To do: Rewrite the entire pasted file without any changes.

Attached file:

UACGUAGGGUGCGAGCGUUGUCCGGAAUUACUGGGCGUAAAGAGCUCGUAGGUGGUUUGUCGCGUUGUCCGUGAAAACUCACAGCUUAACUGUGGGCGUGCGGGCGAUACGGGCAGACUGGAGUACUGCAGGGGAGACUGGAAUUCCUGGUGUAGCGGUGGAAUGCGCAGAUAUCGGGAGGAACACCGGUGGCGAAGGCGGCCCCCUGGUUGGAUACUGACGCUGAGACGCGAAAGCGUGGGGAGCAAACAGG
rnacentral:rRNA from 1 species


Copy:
UACGUAGGGUGCGAGCGUUGUCCGGAAUUACUGGGCGUAAAGAGCUCGUAGGUGGUUUGUCGCGUUGUCCGUGAAAACUCACAGCUUAACUGUGGGCGUGCGGGCGAUACGGGCAGACUGGAGUACUGCAGGGGAGACUGGAAUUCCUGGUGUAGCGGUGGAAUGCGCAGAUAUCGGGAGGAACACCGGUGGCGAAGGCGGCCCCCUGGUUGGAUACUGACGCUGAGACGCGAAAGCGUGGGGAGCAAACAGG
rnacentral:rRNA from 1 species